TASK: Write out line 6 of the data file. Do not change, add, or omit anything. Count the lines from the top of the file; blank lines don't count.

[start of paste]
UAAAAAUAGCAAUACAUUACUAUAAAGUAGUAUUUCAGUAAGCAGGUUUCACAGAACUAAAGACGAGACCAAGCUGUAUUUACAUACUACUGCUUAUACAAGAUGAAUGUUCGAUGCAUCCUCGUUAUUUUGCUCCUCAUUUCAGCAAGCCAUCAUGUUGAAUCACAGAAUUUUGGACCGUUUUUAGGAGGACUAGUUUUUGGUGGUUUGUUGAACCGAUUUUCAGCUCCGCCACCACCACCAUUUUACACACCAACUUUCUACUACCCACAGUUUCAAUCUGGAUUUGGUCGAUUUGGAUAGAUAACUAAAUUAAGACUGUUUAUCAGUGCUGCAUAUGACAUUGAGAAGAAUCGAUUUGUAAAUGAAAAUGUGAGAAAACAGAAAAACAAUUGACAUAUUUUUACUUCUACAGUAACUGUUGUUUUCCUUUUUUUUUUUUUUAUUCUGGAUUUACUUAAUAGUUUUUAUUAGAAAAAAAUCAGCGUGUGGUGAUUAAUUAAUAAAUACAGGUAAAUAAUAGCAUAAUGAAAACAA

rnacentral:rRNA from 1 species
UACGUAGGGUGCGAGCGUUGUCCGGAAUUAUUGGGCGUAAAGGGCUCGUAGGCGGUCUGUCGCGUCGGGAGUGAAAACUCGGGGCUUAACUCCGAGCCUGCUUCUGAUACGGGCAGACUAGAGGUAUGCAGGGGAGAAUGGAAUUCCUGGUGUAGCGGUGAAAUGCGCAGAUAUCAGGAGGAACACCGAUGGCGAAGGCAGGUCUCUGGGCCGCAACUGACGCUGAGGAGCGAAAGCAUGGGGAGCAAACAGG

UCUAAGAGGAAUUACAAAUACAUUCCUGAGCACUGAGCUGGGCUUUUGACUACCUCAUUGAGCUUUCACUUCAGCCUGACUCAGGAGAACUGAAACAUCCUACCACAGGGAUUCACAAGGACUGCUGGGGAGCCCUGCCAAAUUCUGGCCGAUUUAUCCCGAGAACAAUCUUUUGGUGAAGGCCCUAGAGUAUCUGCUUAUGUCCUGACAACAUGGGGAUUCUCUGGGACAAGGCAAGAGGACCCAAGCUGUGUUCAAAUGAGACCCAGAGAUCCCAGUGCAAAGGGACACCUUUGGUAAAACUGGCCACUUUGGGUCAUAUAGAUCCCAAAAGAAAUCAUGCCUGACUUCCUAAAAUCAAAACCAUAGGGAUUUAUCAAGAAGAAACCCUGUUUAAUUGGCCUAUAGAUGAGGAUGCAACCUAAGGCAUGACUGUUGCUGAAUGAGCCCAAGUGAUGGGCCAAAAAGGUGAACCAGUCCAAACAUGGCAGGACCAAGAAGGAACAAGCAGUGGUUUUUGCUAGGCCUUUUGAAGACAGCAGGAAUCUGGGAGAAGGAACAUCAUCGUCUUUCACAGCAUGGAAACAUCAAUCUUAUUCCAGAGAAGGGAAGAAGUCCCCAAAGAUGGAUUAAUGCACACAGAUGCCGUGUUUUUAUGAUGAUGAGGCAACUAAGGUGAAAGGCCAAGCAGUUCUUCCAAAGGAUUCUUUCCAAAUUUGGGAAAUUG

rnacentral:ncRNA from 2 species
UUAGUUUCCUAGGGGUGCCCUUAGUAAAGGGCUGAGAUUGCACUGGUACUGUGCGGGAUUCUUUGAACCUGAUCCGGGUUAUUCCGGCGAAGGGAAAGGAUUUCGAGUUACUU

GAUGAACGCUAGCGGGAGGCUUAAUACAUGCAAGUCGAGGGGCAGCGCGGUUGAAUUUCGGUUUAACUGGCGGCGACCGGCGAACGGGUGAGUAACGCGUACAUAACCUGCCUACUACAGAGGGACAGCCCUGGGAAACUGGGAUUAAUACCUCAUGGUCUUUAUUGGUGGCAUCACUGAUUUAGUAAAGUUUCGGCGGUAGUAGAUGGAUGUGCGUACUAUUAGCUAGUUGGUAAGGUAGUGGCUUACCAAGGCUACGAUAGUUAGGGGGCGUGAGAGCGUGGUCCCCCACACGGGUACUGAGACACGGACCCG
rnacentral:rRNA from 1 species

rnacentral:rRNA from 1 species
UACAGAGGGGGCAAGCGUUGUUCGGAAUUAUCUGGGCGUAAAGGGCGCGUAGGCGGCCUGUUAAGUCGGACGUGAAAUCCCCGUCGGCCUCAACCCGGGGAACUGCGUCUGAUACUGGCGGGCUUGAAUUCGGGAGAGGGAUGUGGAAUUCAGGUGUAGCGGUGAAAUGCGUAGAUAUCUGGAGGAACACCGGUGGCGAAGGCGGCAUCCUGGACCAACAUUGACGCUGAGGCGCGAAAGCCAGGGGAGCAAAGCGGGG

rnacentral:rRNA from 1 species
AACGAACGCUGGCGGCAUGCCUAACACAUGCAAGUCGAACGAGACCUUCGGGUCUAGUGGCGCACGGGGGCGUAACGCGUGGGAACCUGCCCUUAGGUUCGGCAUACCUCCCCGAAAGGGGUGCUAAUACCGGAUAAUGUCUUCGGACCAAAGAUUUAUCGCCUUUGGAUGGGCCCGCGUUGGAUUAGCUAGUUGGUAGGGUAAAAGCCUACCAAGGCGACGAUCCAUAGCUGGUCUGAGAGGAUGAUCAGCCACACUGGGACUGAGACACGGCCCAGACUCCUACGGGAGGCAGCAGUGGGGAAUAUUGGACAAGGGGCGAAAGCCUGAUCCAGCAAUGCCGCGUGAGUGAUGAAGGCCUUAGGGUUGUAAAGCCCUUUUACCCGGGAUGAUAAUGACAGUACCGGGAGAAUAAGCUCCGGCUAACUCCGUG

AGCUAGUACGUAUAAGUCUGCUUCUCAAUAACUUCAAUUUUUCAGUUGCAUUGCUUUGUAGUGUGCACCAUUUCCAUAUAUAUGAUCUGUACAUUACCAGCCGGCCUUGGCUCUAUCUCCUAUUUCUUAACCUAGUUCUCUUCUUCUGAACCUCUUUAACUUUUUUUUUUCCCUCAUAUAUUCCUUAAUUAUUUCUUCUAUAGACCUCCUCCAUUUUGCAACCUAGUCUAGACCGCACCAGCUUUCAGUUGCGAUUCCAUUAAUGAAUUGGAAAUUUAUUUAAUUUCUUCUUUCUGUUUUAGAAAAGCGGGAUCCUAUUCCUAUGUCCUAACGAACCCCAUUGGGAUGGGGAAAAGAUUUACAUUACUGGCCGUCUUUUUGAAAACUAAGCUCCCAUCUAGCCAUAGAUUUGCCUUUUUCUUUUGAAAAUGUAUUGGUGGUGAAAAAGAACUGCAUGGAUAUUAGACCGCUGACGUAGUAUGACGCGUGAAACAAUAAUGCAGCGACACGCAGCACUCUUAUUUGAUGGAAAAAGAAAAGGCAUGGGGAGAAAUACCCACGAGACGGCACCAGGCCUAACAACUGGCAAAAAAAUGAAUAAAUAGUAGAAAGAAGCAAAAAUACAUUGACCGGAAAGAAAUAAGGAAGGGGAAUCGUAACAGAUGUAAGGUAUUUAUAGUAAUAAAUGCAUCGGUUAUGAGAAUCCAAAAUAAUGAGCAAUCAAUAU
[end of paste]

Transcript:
UUAGUUUCCUAGGGGUGCCCUUAGUAAAGGGCUGAGAUUGCACUGGUACUGUGCGGGAUUCUUUGAACCUGAUCCGGGUUAUUCCGGCGAAGGGAAAGGAUUUCGAGUUACUU